If you think that all the ills of the planet can be traced to the stench from the movie, record and television industries, and that Los Angeles is, therefore, Sin City incarnate, then Volcano could prove a peak experience. The movie is set in L.A., and audiences may well get high just watching the city crash and burn. You don't even have to hate L.A. to enjoy it -- a love/hate relationship will do. That's why Volcano closes with Randy Newman's "I Love L.A.," a facetious mock-anthem that, of course, makes it L.A.'s true anthem.
Volcano, with Tommy Lee Jones as L.A.'s Emergency Management Control honcho and Anne Heche as a smarty-pants volcanologist, is a lot better than John Carpenter's recent I-Hate-L.A. opus, Escape from L.A., which exploited the hell out of the city's racial antagonisms in the guise of a punk cartoon. And it's way more fun than this year's other volcano movie, Dante's Peak. Volcano really piles on the magma, letting it roll down Wilshire Boulevard like an enormous melted cheese sandwich; it even clogs the arteries of the underground Metro Rail. It's all kind of pretty, really; even the volcanic fireballs that thump the air like Scud missiles have a party-time panache. Earthquake movies aren't very photogenic, but volcano movies are spangled and showoffy. It's as if even the molten forces of nature wanted to get into show biz.
A sense of humor can go an unconscionably long way in a disaster movie, and in Volcano the filmmakers and the audience are in on the same joke. L.A. is once again the target of divine retribution -- ain't it wonderful? The film's hate-L.A. jokes aren't mean and vindictive, though. This is, after all, an anti-L.A. movie made by Hollywood insiders who have a high time torching their own playground. There's an affectionate knowingness to the knocks in this movie -- like the shot of the Metro Rail conductor reading the book Writing Screenplays That Sell or the surreal image of the huge Angelyne billboard kerplunking from a great height into a lava bed.
The jokes in Volcano aren't wedged into the action as an afterthought. They're part of the film's texture, and you keep waiting for them. Watching this film is a little bit like getting mauled and tickled at the same time. The filmmakers have given the whole shebang a hefty levity, and that's not easy to accomplish in a full-scale disaster movie.
The cast helps. Heche's role is familiar, but she spouts her smart-ass lines as if she's really smart. As an Emergency Management aide, Don Cheadle is like a one-man jive-ass Greek chorus; looking at the lava, he says, "Even Moses couldn't reroute this shit." Cheadle is such an original actor you forget what a bummer his role could have been if played straight. His taunting, insinuating wit must act as a kind of inner metronome; his comic rhythms -- velvety, but with a snap -- are unlike any other actor's. Cheadle is funny in ways that catch you off guard. Maybe he's caught off guard too -- he shares with us his delight in his own delight.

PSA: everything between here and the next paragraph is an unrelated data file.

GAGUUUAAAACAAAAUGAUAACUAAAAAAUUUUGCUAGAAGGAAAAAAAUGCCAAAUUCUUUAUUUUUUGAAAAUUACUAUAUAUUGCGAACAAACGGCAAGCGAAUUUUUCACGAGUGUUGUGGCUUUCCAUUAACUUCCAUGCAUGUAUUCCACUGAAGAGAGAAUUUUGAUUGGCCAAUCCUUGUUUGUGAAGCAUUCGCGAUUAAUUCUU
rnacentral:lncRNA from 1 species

Tommy Lee Jones doesn't exactly sound any new depths here, but he gives his stalwart-hero role some recognizably human shadings and some spunk, and in a special-effects movie such as this one, that can make all the difference in the world. Playing Mike Roarke, apparently the only guy in L.A. who knows what to do when the plates shift and the magma mounts, he's a whirling dervish of counterattacks. It's Mike versus the volcano.
Still, the film saddles him with one of those heart-tugging subplots in which he must finally rescue his daughter (Gaby Hoffmann) from a collapsing shopping center as she attempts to save an errant toddler. Volcano may be smart, but it's far from shameless. The sequence in which Mike sprints to his daughter's aid is too flat-out melodramatic. The scene is exciting, all right, but it's too square-jawed for this movie. What you take away from the film aren't its last-minute-rescue extravaganzas, but the little human touches and Cheadle and the lava effects and the jibes, such as the exchange between two rescue workers as they retrieve a Hieronymus Bosch painting from the flame-engulfed L.A. County Museum of Art.
Perhaps I'm asking too much from this kind of film. But Volcano is just off-center and squiggly enough to make you wish the filmmakers had jettisoned the usual disaster-movie plot mechanics and gotten really nasty-funky. Though it's the wittiest entry in the trash-L.A. genre so far, director Mick Jackson doesn't take the love/hate L.A. fantasies to the max. He balances the good jokes with dreary stuff about an emergency room physician (Jacqueline Kim) risking her own life to save others. There's a why-can't-we-all-just-get-along section featuring a racist white cop who handcuffs a black brother until he realizes four hands are better than two when it comes to stopping the lava. The volcano seals up their racial divide.
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As bubblicious as the lava is in Volcano, the filmmakers end up giving it short shrift. The triumph of man over magma is depicted with the kind of high-five hoopla that makes us think we're watching an ESPN special. And the final shot of L.A.'s very own volcano -- which should be both hilarious and terrifying -- is barely a blip on the screen before the credits encroach.
Nonetheless, I walked out of the film in a strangely mellow mood. There's a lot of bile fueling the L.A.-disaster-movie genre, but in Volcano the bile doesn't eat away at the fun. What the filmmakers are saying is that, yes, maybe Los Angeles should blow sky-high, but we'd sure miss having it around. Probably most of those in the audience feel the same way.
Directed by Mick Jackson. With Tommy Lee Jones, Anne Heche, Don Cheadle and Gaby Hoffmann.